The Pentagon has named Lynn Rosenthal, a leading activist working to prevent domestic violence, sexual assault and other gender-based violence, to head a commission charged with finding ways to stop these problems in the military.
Shortly after his inauguration, President Joe Biden ordered the Pentagon to create a commission and give it 90 days to come up with anti-sexual assault and sexual harassment strategies.
These problems have plagued the military for years; despite intense focus recently, the services have made little progress preventing them. In fact, reports of sexual assault and harassment in the military actually rose from 2019 to 2020, according to data released last April.
Former President Barack Obama in 2009 named Rosenthal to be the White House's adviser on violence against women, where she worked with then-Vice President Biden on programs to stem sexual violence and domestic violence murders.
Pentagon press secretary John Kirby announced Rosenthal's selection to run the Independent Review Commission at a briefing with reporters Friday.
"This commission is dedicated to those service members who've suffered from sexual assault, both those who have come forward and shared their stories at great personal cost, and those who have suffered in silence, and who continue to suffer in silence alone, also at great cost," Rosenthal said.
She told reporters that the commission's most pressing task is finding ways to hold those who have committed sexual assault accountable.
But the commission also plans to look at the military's climate and culture, and ways to prevent sexual assault and harassment, she said.
"The trauma and life-altering effects of sexual assault are devastating in any context," Rosenthal said. "What I'm struck by here, as I've listened to stories of military survivors, is how much their service meant to them. How their life was about this dream of serving in the military, and this dream was part of their identity. And for many, their dreams were shattered by the trauma of sexual violence, and sometimes retaliation for coming forward. This must end."
Rosenthal said that one of the hardest things to hear from survivors is the level of hostility they faced from their attackers, and the messages they received that they don't belong in the military and will be blamed and disbelieved if they come forward.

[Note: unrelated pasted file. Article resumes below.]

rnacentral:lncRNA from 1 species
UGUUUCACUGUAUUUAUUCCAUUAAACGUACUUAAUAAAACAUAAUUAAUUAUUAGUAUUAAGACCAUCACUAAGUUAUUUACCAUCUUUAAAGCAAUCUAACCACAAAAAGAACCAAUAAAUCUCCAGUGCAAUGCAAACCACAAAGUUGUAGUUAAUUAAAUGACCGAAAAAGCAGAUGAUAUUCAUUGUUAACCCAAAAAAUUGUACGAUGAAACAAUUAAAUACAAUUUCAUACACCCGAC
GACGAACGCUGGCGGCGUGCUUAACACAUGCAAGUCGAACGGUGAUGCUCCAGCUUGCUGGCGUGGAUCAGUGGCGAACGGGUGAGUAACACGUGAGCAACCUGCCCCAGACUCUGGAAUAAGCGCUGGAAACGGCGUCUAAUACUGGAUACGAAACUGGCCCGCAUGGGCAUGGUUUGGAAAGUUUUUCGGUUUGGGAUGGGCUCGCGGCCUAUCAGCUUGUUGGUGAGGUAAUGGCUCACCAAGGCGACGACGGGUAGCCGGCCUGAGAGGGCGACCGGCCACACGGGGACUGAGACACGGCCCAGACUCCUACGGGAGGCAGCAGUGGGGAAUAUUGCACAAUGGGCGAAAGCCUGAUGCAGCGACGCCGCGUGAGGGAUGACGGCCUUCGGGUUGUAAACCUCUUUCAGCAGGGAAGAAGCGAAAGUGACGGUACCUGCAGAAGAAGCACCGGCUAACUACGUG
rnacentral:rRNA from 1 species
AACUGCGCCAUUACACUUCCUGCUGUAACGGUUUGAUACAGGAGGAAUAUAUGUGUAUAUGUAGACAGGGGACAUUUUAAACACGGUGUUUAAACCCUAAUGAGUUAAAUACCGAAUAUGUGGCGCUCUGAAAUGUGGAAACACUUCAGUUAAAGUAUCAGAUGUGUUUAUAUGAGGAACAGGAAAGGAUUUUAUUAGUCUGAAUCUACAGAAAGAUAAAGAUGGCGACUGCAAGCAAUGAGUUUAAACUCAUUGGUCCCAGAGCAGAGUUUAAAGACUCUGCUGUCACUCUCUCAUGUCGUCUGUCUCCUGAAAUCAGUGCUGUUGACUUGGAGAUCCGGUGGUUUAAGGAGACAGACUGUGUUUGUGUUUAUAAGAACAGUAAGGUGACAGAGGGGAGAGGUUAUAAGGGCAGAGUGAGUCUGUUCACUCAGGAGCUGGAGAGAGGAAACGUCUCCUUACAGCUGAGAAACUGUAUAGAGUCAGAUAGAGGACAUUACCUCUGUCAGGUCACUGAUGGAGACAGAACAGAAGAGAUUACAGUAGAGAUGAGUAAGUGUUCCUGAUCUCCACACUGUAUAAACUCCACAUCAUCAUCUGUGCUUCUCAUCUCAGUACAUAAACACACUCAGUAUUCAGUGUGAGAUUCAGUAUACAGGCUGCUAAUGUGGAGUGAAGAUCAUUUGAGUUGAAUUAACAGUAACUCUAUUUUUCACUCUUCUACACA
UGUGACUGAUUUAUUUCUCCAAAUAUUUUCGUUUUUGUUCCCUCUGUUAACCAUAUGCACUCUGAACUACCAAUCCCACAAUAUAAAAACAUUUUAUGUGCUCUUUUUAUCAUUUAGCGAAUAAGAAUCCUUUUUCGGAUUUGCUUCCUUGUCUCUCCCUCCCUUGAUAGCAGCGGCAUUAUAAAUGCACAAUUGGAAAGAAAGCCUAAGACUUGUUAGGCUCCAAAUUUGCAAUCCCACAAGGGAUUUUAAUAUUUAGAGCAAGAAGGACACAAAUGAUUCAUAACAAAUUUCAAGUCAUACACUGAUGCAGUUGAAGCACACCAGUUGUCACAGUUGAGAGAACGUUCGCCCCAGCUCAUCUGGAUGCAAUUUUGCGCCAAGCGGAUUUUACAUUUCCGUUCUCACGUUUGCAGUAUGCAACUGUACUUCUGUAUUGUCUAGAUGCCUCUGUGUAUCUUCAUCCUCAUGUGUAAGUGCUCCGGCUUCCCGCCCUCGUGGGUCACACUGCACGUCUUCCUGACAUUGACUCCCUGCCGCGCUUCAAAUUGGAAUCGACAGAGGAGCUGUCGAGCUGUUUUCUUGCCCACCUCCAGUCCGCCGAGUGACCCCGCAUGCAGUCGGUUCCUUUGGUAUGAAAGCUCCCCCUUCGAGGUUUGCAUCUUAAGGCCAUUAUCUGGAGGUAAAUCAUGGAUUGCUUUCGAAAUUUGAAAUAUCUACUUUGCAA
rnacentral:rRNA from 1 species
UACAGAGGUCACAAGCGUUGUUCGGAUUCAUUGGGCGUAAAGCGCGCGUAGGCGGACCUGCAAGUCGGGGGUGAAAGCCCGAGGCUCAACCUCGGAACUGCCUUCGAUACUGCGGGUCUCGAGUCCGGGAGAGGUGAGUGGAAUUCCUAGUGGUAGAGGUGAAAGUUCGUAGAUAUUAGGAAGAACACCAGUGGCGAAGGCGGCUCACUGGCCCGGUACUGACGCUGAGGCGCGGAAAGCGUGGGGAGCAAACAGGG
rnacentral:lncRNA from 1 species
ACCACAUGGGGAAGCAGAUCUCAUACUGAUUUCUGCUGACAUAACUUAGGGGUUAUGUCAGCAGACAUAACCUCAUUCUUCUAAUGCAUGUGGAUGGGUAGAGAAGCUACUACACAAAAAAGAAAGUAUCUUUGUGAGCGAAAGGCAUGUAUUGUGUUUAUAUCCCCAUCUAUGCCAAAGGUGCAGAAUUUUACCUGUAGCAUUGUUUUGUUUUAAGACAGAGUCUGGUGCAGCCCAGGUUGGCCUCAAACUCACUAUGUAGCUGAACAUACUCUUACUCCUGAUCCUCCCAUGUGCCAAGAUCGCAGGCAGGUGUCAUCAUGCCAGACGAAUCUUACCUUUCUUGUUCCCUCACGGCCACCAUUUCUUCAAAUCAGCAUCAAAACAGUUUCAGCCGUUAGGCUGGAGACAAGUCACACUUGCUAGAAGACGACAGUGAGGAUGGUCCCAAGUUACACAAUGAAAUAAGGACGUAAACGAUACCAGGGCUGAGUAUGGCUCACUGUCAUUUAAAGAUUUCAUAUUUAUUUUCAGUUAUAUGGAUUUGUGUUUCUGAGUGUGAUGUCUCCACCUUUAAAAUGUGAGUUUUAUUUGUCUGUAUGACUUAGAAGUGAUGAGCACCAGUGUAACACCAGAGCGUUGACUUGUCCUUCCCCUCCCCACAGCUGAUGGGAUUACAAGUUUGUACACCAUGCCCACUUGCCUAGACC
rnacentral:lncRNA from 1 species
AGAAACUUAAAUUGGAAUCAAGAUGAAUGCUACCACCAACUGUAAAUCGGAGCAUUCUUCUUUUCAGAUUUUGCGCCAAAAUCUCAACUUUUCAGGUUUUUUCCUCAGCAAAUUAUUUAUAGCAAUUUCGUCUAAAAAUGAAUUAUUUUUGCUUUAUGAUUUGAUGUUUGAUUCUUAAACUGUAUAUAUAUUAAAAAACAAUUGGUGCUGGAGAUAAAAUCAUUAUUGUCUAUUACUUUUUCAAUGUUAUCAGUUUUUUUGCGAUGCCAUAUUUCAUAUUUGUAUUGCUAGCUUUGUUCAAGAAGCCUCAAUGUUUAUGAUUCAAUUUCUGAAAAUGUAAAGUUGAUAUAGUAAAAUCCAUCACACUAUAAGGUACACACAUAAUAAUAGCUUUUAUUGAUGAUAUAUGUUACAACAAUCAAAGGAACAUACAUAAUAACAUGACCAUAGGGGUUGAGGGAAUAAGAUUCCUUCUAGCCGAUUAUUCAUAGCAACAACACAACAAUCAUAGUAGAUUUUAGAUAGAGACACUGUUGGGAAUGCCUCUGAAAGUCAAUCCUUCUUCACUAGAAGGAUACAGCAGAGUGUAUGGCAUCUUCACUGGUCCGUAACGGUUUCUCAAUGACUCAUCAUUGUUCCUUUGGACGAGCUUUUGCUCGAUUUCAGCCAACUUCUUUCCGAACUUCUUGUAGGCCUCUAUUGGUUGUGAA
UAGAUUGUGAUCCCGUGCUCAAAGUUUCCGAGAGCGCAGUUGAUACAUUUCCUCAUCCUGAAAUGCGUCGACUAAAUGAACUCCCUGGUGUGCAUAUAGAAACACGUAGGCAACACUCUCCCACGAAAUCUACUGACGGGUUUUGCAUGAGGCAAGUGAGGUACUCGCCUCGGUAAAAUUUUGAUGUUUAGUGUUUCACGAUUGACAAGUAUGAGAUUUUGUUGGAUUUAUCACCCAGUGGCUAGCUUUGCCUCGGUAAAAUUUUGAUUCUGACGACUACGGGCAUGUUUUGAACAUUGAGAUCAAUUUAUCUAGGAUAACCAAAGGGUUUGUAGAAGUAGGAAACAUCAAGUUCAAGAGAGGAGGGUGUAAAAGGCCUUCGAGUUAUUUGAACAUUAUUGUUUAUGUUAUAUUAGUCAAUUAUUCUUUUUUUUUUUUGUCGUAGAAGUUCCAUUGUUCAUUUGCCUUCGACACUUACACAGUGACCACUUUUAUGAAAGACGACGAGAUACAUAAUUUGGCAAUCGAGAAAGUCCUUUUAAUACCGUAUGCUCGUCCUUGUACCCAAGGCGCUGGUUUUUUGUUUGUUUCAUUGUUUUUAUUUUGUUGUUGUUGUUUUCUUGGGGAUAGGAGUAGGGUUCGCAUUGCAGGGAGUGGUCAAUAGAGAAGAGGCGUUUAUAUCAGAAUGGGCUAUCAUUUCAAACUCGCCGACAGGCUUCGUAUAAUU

"This commission says to that service member, 'You do belong in this military, and it's our job to make this climate safe for you to be here,'" Rosenthal said.
The commission has yet to announce its membership, though Rosenthal said it will include current and former military leaders, experts and advocates for survivors of sexual assault, both inside and outside of the military. The commission will consult a diverse group of people from every level of the military, as well as civilians and outside experts and stakeholders, she said.
Rosenthal said the commission will consider a variety of proposals, including ideas to create independent authorities to whom service members would report their assaults and remove commanders from the adjudication process.
"All options must be on the table," she said.
The commission is working on ways for service members to share their ideas and experiences, including an online page. It also hopes to travel to places that have made significant progress and learn from their strategies.
The commission plans to produce initial recommendations, particularly on holding offenders accountable, within 60 days, Rosenthal said. The commission is supposed to finish its work within 90 days, but she said work will continue afterward to put those recommendations in place.